Another, more complex problem, is in the Cisco Email Security Appliance’s timing of DMARC data generation and the time of data in the reports. The DMARC specification states that daily data generated and sent to record addresses should adhere to a 24-hour window based on a UTC timeframe of midnight to midnight. In other words, from 00:00 to 23:59:59 of that same day in UTC time. This allows reports of email traffic worldwide to be well coordinated by the domain owner. The issue with Cisco ESA is that there is no capability to align DMARC reports to UTC time; all report data is in timeframes relevant to the time set on that particular ESA instance only.
To explain a bit further in an example: A fraudulent campaign abuses an email domain of an international company by sending 500 messages to environments in the United States, 200 to environments in the EU, and another 300 to India. Let’s assume a scenario where these messages were all received at Cisco ESA hosted environments using local time settings, which is normal.
The 200 messages received in the EU will report most closely on UTC time.
The 500 messages received in the US will report on times from -5 to -8 UTC.
The 300 messages received in India will report on time of +5:30 UTC.
The result is that even though the fraudulent email campaign lasted less than 10 minutes, according to reports received from DMARC reporters that do not comply with the UTC timeframe requirement, it appears the campaign spanned about 24 hours, over two separate days. The administrator for the abused domain would be hard pressed to say whether the fraudulent campaign was on one day or the other, or if it actually spanned the entire time period, based on reports received for the domain.
Receivers Sending Incorrect Data
More often than you might think, we see DMARC reports from environments where the data representation is factually wrong or logically incorrect. For example when an SPF result is “fail” but the DMARC-SPF policy result is “pass.” By definition the only way a DMARC-policy result can ever be “pass” is if the SPF result is “pass.”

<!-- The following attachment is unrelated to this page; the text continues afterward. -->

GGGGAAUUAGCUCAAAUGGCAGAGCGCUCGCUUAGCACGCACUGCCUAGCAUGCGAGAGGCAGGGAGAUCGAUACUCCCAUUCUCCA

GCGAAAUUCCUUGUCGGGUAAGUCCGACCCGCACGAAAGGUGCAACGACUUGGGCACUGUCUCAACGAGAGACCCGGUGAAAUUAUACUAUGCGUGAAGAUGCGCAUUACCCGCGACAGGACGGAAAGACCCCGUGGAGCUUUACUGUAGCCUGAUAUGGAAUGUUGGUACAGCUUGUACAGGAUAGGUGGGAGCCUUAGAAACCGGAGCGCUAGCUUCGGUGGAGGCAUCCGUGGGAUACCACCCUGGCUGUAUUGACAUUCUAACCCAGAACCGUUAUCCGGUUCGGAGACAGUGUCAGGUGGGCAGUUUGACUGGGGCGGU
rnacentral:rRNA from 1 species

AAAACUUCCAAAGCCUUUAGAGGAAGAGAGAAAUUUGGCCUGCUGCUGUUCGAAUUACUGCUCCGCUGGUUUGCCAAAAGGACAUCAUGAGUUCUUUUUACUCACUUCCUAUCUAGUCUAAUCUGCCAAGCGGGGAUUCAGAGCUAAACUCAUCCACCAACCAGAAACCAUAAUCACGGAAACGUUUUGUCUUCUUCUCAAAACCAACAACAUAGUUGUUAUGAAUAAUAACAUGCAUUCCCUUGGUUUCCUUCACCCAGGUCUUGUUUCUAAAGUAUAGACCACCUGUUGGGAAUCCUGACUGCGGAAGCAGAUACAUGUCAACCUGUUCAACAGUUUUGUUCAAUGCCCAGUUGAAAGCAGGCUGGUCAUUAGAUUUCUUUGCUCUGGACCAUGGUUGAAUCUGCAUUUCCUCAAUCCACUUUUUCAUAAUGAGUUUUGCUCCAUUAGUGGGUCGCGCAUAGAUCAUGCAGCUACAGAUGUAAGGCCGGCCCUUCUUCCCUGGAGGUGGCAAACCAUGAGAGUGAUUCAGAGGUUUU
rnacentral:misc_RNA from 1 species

There are a variety of problems along these lines, from the logic error shown above, to blank or missing sections of required data. With the goal of being able to guide users in their efforts to strengthen authentication, dmarcian works with these reporters to remedy their implementation. In some cases where we can’t get through or a reporting problem cannot be resolved, data imports from a source are halted entirely.
Receivers That Do Not Generate Data
A last class of receiver foible relates not to problems in data or in data generation, but rather in the lack thereof.
DMARC is a public standard (RFC 7489) which literally millions of domain owners have taken advantage of to improve authentication for their domains’ email traffic. In many cases, these same domain owners have taken steps in DMARC to publish policy restrictions against fraudulent use of their domains. These efforts provide tremendous benefits to any environment receiving email purporting to be from that domain; a viable history of email authentication and, even better, a published enforcement policy allows a receiver to much more reliably separate legitimate email traffic from fraudulent.
The work that domain owners put into setting up and correcting email authentication standards (SPF, DKIM, DMARC) being applied to their email traffic is hugely reliant upon DMARC feedback from receiver environments. Known vagaries aside, the feedback from the likes of Google, Yahoo, all of the Cisco ESA environments, Rackspace, Comcast, Mail.ru and others is invaluable in these efforts. The more that receivers participate, the better that email becomes for everyone. However, there are some that take advantage of these authentication standards and provide authentication services for their own environments without contributing to the ecosystem.
The largest examples of this uncooperative behaviour are Microsoft Office 365, Proofpoint, MIMECast and Symantec.cloud. Each of those environments provide DMARC authentication services for messages sent inbound to their environments, but then do not send DMARC reports to domain owners. Without DMARC reports pertaining to DMARC authentication purporting to be enforced at those environments, a domain owner cannot even be certain that they are performing verification or enforcement actions correctly.
If you are a customer of any of these services, please contact them to ask that they provide DMARC reports for domains which request them.